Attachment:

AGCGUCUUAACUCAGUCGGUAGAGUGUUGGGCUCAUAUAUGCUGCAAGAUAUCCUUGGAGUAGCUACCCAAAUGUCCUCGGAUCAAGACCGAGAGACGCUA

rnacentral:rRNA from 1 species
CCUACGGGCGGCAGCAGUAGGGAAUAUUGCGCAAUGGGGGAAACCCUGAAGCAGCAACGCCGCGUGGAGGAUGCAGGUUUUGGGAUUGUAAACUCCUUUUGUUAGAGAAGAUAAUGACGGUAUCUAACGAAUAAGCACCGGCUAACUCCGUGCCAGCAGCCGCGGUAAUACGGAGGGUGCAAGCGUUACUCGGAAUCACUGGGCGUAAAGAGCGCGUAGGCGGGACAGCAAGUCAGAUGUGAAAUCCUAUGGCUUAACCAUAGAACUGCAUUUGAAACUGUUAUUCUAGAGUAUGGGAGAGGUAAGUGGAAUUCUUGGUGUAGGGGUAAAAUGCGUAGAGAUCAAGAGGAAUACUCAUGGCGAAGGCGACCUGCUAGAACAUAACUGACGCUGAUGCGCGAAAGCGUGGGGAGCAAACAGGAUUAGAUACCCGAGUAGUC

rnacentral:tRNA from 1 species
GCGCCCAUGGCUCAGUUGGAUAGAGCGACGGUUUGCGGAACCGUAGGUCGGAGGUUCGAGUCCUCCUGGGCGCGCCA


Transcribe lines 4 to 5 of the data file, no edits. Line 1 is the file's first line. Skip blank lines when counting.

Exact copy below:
rnacentral:tRNA from 1 species
GCGCCCAUGGCUCAGUUGGAUAGAGCGACGGUUUGCGGAACCGUAGGUCGGAGGUUCGAGUCCUCCUGGGCGCGCCA